Children's Wellness Center

What if inner city Latino children had a safe, affirming, and affordable place to play, learn and grow like their suburban counterparts?

Photo of Candida Flores
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Founding Story: Share a story about a key experience or spark that helps the network understand why this project got started or a story about how you became inspired about the potential for this project to succeed.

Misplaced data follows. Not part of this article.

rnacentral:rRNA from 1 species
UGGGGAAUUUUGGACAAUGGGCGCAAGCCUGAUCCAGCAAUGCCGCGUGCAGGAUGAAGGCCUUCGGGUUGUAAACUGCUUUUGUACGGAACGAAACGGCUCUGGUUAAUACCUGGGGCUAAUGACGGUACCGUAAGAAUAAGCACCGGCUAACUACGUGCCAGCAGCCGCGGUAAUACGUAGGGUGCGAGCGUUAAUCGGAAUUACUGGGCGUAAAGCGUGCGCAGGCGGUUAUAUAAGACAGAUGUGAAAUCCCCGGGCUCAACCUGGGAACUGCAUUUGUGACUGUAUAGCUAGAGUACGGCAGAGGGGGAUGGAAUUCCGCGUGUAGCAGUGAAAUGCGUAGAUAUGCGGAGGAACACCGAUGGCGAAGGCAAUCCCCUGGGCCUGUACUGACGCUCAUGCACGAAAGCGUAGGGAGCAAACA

In 2010, I visited a Peruvian family at their home in a deteriorating building without heat. Ten people, including 6 children, lived inside the two-bedroom apartment. The children were not allowed outside due to gangs. The toddlers would vomit when crawling across the floor from poor diet and lack of space to move and play. An older toddler could not talk or pull herself up to the sofa. Parents were afraid to bring them to the park because of street fighting. Plus, the park was littered with needles and condoms, and the play equipment was rusty. I met with the Mayor, the Lt. Governor and State representatives to describe what was happening, and demanded something be done. Then, I urged staff to encourage parents to speak out. Parents organized a demonstration, and marched from our office to the capital. With our staff translating, they testified at public hearings, children in tow. Ultimately, federal dollars were earmarked to refurbish the park, and I made sure parents worked side by side with City architects to design it. The process took 3 years! Now, hundreds of families use the park each summer and the children I mentioned above are talking, reading and walking through our organization's programs. Moreover, their parents are part of an advisory board leading the Children's Wellness Center's development. Parents want year-round opportunities for their children, winter too. The CWC is situated right across the street from the park--an ideal location!